Every CNA I had provided me with comfort and compassion on top of the physical labor required for their job. One day, the realization of what I had been through and how close I came to losing my life really hit me hard. I was feeling incredible joy, gratitude, and appreciation. I was still non-communicative and really had no way to express any emotions other than to cry. So here's this big old lug of a guy soaking his pillow with no way of letting anyone know that these were good tears–– the best kind. Then this CNA walks in, pulls up a chair, and just holds my hand for I don't know how long–– but it was a long time. It was like she knew exactly what I was going though. Although I admire the long shifts and incredibly hard labor that goes into their work, it was the comfort that CNA provided me during one of the most significant moments of my life that will stick with me forever. 


Once I was in the long-term acute hospital, I started finding myself with a lot of time on my hands. It was a really slow process, but I was also able to start working on my cell phone. I asked my son to help me set up a GoFundMe page and research how many CNAs were at Cheyenne Regional Medical Center. Once we learned that there were nearly 200, I knew we would have to come up with a different plan. Although my social media friends were very generous and I knew that my previous life as a Wyoming newspaper editor still pulled some press clout, we were still going to have to build a partnership to provide the type of nurses' shoes we wanted the CNAs to have.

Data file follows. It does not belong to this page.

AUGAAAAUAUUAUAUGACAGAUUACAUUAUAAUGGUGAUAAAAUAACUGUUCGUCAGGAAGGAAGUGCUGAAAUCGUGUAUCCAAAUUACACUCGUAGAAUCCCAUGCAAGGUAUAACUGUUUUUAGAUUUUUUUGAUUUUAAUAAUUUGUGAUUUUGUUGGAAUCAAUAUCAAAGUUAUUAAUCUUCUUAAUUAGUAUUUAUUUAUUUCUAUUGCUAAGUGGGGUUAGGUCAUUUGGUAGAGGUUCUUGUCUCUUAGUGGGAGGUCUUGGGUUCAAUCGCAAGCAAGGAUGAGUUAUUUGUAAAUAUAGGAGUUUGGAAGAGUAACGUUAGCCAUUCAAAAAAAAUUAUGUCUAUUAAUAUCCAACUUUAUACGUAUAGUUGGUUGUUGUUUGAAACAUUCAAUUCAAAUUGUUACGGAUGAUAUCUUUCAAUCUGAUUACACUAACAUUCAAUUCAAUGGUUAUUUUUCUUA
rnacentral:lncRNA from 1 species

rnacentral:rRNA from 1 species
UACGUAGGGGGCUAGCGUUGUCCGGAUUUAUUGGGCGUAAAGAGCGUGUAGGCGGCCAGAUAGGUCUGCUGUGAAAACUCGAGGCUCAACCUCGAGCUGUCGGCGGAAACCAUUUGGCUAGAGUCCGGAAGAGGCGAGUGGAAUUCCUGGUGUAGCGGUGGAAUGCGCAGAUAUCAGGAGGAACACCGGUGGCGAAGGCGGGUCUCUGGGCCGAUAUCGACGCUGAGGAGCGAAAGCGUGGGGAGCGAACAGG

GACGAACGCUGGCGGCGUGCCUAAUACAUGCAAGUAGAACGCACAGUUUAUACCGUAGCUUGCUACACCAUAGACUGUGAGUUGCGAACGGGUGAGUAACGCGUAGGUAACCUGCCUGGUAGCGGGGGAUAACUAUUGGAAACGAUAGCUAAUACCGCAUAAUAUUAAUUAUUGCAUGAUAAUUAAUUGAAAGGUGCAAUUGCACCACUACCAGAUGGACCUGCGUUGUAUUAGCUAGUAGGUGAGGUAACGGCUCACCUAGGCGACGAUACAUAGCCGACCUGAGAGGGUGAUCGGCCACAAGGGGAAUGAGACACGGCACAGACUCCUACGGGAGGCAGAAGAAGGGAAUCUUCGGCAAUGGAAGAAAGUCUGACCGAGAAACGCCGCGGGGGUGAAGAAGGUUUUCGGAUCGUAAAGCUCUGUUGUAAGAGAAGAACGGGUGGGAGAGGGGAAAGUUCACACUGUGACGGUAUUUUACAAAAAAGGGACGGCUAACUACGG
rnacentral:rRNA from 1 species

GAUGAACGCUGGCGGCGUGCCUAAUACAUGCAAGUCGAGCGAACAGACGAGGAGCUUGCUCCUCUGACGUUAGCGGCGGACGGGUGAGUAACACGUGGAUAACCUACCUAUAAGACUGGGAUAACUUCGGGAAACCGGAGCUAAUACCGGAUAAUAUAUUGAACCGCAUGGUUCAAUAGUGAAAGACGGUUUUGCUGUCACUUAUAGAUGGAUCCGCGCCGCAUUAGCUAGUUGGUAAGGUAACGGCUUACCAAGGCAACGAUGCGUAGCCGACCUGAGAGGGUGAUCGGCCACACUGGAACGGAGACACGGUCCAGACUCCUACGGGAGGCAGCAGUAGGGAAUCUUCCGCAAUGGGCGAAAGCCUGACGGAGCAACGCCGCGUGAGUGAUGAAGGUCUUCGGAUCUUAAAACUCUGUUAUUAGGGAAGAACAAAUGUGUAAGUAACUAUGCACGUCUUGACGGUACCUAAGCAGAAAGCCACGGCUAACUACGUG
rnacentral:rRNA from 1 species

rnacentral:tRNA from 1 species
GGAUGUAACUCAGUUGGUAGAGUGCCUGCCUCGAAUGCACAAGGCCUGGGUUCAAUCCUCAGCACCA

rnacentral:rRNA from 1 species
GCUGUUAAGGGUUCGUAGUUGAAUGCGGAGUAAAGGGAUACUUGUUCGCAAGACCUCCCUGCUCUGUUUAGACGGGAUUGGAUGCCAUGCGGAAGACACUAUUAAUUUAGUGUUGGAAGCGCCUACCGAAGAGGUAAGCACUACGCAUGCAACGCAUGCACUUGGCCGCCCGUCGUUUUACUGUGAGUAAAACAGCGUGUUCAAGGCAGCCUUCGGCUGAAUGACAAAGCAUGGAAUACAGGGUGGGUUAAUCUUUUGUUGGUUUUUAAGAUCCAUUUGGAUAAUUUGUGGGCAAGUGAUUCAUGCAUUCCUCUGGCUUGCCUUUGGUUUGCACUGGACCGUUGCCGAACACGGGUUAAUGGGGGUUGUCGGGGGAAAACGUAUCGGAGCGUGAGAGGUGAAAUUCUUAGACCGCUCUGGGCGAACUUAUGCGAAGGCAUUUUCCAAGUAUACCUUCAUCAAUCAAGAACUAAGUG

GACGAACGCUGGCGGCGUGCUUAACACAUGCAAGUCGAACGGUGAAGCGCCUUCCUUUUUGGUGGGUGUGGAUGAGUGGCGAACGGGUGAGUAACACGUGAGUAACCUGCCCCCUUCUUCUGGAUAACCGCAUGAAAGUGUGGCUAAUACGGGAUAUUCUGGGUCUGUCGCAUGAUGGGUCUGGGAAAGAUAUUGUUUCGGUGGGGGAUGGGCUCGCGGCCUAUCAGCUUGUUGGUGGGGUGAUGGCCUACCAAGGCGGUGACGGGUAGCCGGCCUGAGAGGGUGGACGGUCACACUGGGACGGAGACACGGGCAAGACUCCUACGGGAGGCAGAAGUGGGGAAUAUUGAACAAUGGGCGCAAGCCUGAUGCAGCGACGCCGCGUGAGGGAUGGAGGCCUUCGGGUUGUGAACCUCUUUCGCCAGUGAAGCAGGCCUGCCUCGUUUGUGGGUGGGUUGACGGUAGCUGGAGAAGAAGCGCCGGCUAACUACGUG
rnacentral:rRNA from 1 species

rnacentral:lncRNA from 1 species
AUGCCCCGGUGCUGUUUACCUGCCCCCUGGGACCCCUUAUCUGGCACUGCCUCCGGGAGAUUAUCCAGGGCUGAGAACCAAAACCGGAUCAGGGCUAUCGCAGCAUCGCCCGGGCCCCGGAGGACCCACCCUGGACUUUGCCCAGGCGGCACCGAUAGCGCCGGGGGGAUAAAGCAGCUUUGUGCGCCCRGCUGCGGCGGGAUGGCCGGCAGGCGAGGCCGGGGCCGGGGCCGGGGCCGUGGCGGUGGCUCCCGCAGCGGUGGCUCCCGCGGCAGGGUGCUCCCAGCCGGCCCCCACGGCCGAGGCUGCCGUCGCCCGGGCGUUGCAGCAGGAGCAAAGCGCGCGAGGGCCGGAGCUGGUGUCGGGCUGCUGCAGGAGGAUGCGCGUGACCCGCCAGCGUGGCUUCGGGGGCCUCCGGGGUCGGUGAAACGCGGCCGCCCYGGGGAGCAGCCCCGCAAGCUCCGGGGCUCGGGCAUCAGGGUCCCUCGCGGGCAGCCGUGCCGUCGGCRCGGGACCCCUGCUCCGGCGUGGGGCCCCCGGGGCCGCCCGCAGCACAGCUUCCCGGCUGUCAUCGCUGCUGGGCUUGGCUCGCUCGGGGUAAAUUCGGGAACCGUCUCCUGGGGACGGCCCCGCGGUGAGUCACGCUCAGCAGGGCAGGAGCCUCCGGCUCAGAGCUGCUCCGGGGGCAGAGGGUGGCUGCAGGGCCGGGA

I started researching shoe manufacturers and found that BALA has some really good reviews from nurses. I liked that they were a fairly new company and that they had a strong sense of their role in the community. I also really liked that they put some real thought into their product, interviewing hundreds of nurses about their needs. And, again, the reviews were stellar. I reached out through the website and decided to wait until I heard back from BALA before contacting anyone else. You guys answered my email within a day and a day after that, I had a phone call scheduled with Brian. That, in itself, is pretty impressive. And Brian didn't hesitate, he said that BALA wanted to be involved even before we had a real plan in place.


It truly feels great to give back and we would have never been able to pull this off without BALA. I will never be able to repay all of the health care professionals that contributed to my survival, nor will I ever find the words to adequately express my gratitude. The shoes were a big part of beginning to pay back that debt I owe, and I'll let the insurance cover the rest. But hanging out with the CNAs, hospital staff, and Brian hardly seemed like work that day. As a matter of fact, maybe the best thing to come out of this was making a new friend. I'm learning it's good to have friends in shoebiz (yes, bad pun intended).

 

 

*Bob Vines was fully vaccinated against COVID-19 when he contracted the virus. As an immunocompromised person, he was at higher risk of becoming infected despite the protective measures. That said, COVID-19 vaccines have efficacy rates above 95%, meaning that they are highly effective at preventing severe illness and death. In combination with masks and social distancing, they are a crucial part of public health measures to stop the spread of COVID-10 and to protect people like Bob.